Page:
“Grab the van keys, Angie. A guy from work is borrowing the Blazer tonight,” Eric said, as he pulled his coat on and shuffled out the door. Em was toddling toward me, shoes in hand, asking to go bye-bye, too. I slapped on her shoes and threw a coat on her before zipping it up and closing the button tightly against her chin. I noticed Mom was wearing lipstick and mascara when she emerged from her bedroom ready to leave. I hadn’t seen Mom out of her over-sized shirt, pajama pants, and her hair pulled tightly in a ponytail for a long time. I actually believed there may be a change on the horizon.
We jumped in the van and after buckling Em in her pumpkin seat, we were on our way to Pizza King.
Over pizza, Eric told Mom that things were going to be different.
“Angie, we aren’t going to have to worry anymore. Things will get better. I’m back on at work, and there’s tons of overtime.”
Mom looked in my direction. With tears in my eyes, I gave a slight smile.
When we arrived at home, there were three packages wrapped in the weekend funnies on the coffee table. I was shocked to open two books and a sweater, believing I wouldn’t get anything this year. I knew Mom and Eric were struggling, so when our electricity was shut off last month, I prepared myself for a gift-less birthday.
“Wow, Mom, I didn’t expect this at all!” I ran to try the sweater on. It fit and was so comfy! I slid my hands up and down my arms feeling the plush turquoise yarn as it fluffed against my fingers.
“Josie, you look beautiful!” Mom said, “Do you like it? How does it fit?”
“I love it Mom, it’s perfect!” I said as I turned, modeling the sweater.
I blew out my birthday candles and remembered my plans for the following day.
“Hey Mom, can I go to a friend’s house after school tomorrow?”
“I don’t see why not, Jo.” Mom shorted my name to Jo from Josie or Josephine when she was in her best moods. “Who is it? Do I know her? Will her parents be home?” She questioned in triplicate.
“I’m sure they will be, Mom,” I answered, adding, “It’s a girl named Lacey in my class. She lives a few miles away by car, but it’s not really that far if you cut through the neighborhoods. She even rides my bus.”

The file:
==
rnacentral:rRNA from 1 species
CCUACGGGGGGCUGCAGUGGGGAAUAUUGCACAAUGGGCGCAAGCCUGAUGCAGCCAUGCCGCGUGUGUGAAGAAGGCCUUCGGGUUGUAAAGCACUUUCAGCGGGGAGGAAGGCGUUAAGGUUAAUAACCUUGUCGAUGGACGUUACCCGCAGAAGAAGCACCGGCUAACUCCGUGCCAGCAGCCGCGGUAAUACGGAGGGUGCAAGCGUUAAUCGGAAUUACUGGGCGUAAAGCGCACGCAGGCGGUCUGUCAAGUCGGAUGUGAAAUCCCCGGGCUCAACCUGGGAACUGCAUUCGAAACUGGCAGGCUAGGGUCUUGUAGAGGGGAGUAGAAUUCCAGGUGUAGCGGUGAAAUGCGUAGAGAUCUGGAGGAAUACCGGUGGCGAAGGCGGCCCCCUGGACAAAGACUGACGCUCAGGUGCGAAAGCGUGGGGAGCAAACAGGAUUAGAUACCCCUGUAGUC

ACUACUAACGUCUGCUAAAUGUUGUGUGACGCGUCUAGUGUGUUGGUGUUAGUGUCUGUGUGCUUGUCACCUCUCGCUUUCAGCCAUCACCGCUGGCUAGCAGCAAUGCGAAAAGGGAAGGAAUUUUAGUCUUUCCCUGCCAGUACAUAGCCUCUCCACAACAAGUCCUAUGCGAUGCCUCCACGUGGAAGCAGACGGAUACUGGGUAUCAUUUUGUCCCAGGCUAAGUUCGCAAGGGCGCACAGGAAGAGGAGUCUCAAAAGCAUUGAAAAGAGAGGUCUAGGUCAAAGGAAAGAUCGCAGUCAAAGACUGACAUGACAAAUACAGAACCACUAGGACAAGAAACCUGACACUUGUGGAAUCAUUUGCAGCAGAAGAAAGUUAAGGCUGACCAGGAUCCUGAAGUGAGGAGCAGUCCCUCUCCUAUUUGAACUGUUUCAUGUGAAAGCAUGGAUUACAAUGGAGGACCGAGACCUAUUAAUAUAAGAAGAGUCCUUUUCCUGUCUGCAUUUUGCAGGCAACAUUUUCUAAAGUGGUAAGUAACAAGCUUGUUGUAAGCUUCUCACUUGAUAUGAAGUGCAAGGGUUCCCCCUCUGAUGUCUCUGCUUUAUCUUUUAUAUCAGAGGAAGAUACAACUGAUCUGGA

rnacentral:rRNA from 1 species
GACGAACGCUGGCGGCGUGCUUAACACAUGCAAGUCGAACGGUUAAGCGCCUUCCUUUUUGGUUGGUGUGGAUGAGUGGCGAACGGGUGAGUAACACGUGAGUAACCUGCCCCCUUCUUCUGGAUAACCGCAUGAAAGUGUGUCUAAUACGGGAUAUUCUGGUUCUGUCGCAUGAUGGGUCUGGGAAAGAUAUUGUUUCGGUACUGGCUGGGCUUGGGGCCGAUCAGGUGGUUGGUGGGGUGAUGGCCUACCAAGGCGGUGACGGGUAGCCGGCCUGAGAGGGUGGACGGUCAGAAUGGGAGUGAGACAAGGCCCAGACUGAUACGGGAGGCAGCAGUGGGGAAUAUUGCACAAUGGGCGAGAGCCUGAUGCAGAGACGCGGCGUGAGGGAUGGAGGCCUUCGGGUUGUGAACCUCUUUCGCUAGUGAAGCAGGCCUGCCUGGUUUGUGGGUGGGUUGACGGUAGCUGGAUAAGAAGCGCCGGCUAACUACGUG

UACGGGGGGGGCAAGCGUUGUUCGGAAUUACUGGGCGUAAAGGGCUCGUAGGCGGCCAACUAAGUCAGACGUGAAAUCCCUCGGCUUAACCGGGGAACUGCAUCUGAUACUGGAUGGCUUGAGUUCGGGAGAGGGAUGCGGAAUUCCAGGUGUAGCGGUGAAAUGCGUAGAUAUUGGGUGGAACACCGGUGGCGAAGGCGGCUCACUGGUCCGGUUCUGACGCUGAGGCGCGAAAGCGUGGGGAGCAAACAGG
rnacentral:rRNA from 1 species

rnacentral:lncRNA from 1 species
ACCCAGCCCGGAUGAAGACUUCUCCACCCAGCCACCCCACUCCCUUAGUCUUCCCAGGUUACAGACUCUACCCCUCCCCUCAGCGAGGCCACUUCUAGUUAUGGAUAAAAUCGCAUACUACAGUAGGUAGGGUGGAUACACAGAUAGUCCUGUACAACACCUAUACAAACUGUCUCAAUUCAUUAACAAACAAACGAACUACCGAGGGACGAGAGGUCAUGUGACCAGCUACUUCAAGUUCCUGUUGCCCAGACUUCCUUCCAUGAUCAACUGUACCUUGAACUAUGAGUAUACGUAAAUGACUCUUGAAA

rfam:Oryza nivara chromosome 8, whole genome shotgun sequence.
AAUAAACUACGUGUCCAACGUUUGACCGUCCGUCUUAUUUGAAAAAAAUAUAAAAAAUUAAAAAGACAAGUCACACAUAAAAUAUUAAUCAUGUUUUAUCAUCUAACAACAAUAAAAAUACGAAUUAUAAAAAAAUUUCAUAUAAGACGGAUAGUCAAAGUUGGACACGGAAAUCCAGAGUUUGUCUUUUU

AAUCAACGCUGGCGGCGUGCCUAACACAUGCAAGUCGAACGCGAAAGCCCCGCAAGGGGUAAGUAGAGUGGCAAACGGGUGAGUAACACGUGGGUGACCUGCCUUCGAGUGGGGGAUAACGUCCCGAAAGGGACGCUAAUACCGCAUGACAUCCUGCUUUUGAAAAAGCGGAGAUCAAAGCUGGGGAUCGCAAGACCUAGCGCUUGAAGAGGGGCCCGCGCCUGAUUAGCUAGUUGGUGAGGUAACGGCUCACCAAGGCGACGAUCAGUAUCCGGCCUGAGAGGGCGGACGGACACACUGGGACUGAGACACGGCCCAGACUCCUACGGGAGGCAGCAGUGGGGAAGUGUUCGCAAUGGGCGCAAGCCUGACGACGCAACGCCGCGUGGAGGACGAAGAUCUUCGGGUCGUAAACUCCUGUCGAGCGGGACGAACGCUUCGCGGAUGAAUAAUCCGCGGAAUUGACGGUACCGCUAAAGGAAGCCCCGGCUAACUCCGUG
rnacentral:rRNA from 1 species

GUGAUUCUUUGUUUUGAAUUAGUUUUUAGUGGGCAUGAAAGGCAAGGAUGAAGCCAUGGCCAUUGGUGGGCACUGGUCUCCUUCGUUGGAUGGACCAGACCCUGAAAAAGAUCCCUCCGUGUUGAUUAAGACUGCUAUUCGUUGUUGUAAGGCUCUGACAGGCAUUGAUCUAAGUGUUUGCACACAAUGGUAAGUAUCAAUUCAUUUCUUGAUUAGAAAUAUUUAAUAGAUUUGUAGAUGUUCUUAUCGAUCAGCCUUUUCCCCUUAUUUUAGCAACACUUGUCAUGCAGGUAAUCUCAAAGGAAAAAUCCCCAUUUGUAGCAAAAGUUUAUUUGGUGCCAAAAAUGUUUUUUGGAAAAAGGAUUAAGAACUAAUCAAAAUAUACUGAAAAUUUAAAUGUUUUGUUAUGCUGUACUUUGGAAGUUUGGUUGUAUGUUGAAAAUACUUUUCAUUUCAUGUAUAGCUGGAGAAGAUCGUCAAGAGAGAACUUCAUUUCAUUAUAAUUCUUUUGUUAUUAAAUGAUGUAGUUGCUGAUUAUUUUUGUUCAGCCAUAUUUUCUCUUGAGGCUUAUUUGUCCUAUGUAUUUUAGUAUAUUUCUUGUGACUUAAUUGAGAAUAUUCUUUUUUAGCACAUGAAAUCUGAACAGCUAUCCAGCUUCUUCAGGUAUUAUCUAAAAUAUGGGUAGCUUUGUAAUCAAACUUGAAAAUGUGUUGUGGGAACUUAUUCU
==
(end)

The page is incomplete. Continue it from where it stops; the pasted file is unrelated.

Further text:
“Is she in the Buzz Book? I’ll call her mom to confirm,” she added.
“Ok, I’m sure she’s in there – last name Stewart,” I said while pulling out the Buzz Book. I opened it to “S” and handed it to my mom.
I took my plate to the sink and skipped to my room to plan my outfit for the next day. I picked out my best jeans, setting my new turquoise sweater on top.
I looked over the clothes as they lay across my floor, beaming.
“Josie….” Mom called from the living room.
“Yeah,” I answered, as I turned the corner approaching the hallway.
Mom was sitting on the couch writing on a sheet of paper. “I was able to reach Lacey’s parents. They said you were welcome to come over after school. I wrote a note to let the office and bus driver know you’ll be getting off at Lacey’s stop tomorrow afternoon.” She said while handing me the folded slip of paper.
I reached down to retrieve the note, slipping it into my backpack slumped against the nearby wall. As I started back toward my room, I heard her say, “Wait, one more thing.” I turned on my heels and looked at her, my face inquisitively awaiting her reply.
She smiled as she placed her hands on her lap, poised to rise. Looking up me, she stood and said, “There’s something out here, too,” as she walked toward the garage.
I slowly walked toward the garage door. “What is it?” I inquired with a hand on the doorknob. I turned the knob, curious as to what I would find. Sitting in the garage was a blue 10-speed bike. I ran my fingers over the blue paint, stunned by the turn of events. I had hoped for a new bike for the last two Christmases. I mounted the seat, placing my right foot on the pedal and resting my palms on the handlebars.
“Smile!” prompted Mom, as I sat, stunned, on my new 10-speed. I looked up and smiled, allowing the grin to spread across my face, capturing the excitement of the moment forever as she clicked away on the camera.
“It’s from Eric,” Mom said. He got a bonus and decided it was time to get you a new bike!”
“Thanks!” I exclaimed. He barely looked at me, but said, “Sure thing, Kid,” with a smile creeping on his face.
“Can I ride it for a few minutes?” I begged.
“I don’t know… It’s pretty dark,” Mom answered.
Noting my anticipation, she looked up in thought. Chewing on the inside of her cheek, she paused a moment before relenting saying, “Just a few minutes.”
I nudged the kickstand up and sped out of the garage toward the road. As I descended the hill, I felt the sensation of butterfly wings kissing my cheeks. Even in the cold air, I felt warm. I felt free as the wind carried with it my flowing hair. I heard Mom yell, “Don’t go far!” as I pedaled my way past the nearest cross street.